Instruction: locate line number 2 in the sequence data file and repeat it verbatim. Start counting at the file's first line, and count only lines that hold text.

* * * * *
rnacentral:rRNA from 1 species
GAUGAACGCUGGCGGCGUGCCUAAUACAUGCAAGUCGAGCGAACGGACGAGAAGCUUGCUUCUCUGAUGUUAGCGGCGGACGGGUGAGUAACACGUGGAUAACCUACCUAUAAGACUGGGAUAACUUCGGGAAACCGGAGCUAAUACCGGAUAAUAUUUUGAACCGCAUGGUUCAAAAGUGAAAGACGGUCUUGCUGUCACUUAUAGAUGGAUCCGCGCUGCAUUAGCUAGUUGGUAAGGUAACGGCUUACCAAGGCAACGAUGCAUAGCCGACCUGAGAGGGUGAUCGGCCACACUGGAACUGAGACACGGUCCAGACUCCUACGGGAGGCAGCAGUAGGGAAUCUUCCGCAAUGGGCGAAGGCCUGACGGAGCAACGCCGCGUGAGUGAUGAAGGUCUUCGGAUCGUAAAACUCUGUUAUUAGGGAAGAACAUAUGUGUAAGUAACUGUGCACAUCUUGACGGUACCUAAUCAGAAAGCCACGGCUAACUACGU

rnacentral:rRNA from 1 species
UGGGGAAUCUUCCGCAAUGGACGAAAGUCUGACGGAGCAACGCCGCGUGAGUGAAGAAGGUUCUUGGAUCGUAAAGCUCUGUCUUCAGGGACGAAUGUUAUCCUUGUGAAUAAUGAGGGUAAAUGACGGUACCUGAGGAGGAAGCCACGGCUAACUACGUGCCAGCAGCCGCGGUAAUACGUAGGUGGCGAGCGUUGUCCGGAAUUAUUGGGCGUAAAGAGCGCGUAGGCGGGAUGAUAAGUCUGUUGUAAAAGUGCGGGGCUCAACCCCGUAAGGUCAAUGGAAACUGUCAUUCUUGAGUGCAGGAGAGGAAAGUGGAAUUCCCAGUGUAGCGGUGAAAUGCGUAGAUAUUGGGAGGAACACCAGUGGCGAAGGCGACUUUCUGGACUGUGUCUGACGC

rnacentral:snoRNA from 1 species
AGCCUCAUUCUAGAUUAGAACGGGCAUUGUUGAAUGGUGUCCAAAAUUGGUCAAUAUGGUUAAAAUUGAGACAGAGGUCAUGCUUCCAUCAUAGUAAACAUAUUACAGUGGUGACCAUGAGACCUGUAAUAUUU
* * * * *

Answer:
GAUGAACGCUGGCGGCGUGCCUAAUACAUGCAAGUCGAGCGAACGGACGAGAAGCUUGCUUCUCUGAUGUUAGCGGCGGACGGGUGAGUAACACGUGGAUAACCUACCUAUAAGACUGGGAUAACUUCGGGAAACCGGAGCUAAUACCGGAUAAUAUUUUGAACCGCAUGGUUCAAAAGUGAAAGACGGUCUUGCUGUCACUUAUAGAUGGAUCCGCGCUGCAUUAGCUAGUUGGUAAGGUAACGGCUUACCAAGGCAACGAUGCAUAGCCGACCUGAGAGGGUGAUCGGCCACACUGGAACUGAGACACGGUCCAGACUCCUACGGGAGGCAGCAGUAGGGAAUCUUCCGCAAUGGGCGAAGGCCUGACGGAGCAACGCCGCGUGAGUGAUGAAGGUCUUCGGAUCGUAAAACUCUGUUAUUAGGGAAGAACAUAUGUGUAAGUAACUGUGCACAUCUUGACGGUACCUAAUCAGAAAGCCACGGCUAACUACGU